There are real human costs to America’s immigration policy. Freeform’s Party of Five explored those consequences deftly as it followed the five Acosta children after their parents were deported. The first season ends with the heartbreaking tenth episode that found the family adjusting their untenable arrangement.
You see when Acosta parents Gloria and Javier were forced from their home, they originally decided all of their children should stay in the United States. The kids are American after all, born north of the border and entitled to all its famed opportunity. Oldest brother Emilio, a Dreamer, stepped in as the legal guardian of his four younger siblings and manager of the family restaurant too.
Twins Beto and Lucia did alright. At 16, they’ve learned a lot from their parents already and were ready to try out some independence. Not that they didn’t struggle. Beto had a hard time at school but his real learning curve came with his relationship with Ella. First love has a lot of ups and downs and these two have been through it. In the season finale, we see them together and happy. Beto really sees her, describing her to his questioning mother as “A girl that’s beautiful and smart and insecure and needy and lost. She’s always trying to find a home.” It was a beautiful moment and the two young lovers had to fight to achieve get there.
Lucia, on the other hand, only seems to be getting further from that sort of affirmation. She’s trying to sort out her identity and what it means to be attracted to women. When she accidentally reveals the true gender of her crush, her mom is surprised and worried. Lucia responds by insisting nothing’s happened, that she hasn’t “sinned.” Later, she tries to make herself straight, sleeping with a local boy she clearly doesn’t care about. The whole thing only makes her more confused. Thankfully her mom comes around before she goes back home, telling her daughter, “There’s nothing you could ever do, no way you could ever be, no one you could ever love that would make me love you any less.” It’s a start but there’s still a long road ahead before Lucia learns to love herself.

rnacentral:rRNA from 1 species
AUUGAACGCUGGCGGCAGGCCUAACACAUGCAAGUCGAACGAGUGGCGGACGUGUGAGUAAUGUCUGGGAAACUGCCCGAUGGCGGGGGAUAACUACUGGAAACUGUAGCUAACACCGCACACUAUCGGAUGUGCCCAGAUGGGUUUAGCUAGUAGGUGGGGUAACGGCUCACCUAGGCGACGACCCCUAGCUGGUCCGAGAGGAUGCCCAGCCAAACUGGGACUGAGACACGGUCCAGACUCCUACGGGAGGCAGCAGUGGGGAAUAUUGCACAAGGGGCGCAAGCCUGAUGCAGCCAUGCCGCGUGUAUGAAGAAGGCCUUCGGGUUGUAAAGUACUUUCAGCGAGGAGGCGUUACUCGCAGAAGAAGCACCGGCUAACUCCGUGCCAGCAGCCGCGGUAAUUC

And while Lucia and Beto figure out dating, the rest of the Acostas are locked in some sort of family love triangle where everyone loves each other and no one knows who should be together. Val’s spent all season just trying to be with her parents. She testified at the hearing in an effort to stop their deportation. She pretended to be the girl her mom’s taking care of. She ran away from home to get to them. Finally, she figures out a healthy way to get what she needs – she asks her dad to let her stay in Mexico.
Of course, she doesn’t know her parents are barely together with Gloria unwilling to be a wife when she can’t be a mother. In some ways, reuniting with her youngest solves all this, giving the Acosta parents a second chance. In others, it just sets up more heartbreak. Back in LA, Emilio reads Val’s request as his personal failing, particularly because social services are breathing down his neck. How come he couldn’t be enough for Val, for Rafa? Who will he be now that he doesn’t have the kids to take care of? He can’t go back to his old life and yet his new one is suddenly gone too. And Val and Rafa probably can’t stay in Mexico forever. Will they have to say goodbye to their parents again at some later date (say when Val’s starting high school and Rafa’s going to kindergarten)? Won’t it just be harder then?
This episode had a different tone than many of the others – it wasn’t sad so much as angry. And the Acostas have earned their righteous anger. As Emilio says, raising Val “shouldn’t be my job. My sister has two parents, great parents who want to be taking care of her but can’t. I am not the problem. I am not the problem. This country, what they did to my parents and to their children, that’s the problem.” He’s done his best and his country has betrayed him.
Even as the Acostas figure out how best to respond to that betrayal, the wound still festers, forcing a loving family apart. I’m hoping for a second season and chance for the whole family to heal more, love each other more deeply, and grow more. It’s been beautiful to watch this Latinx family on TV in all their beauty and diversity, proving that our community is more than any single story. I’m looking forward to spending more time with the Acostas, no matter which side of the border they’re on. They’re a family that deserves to be together and on our screens.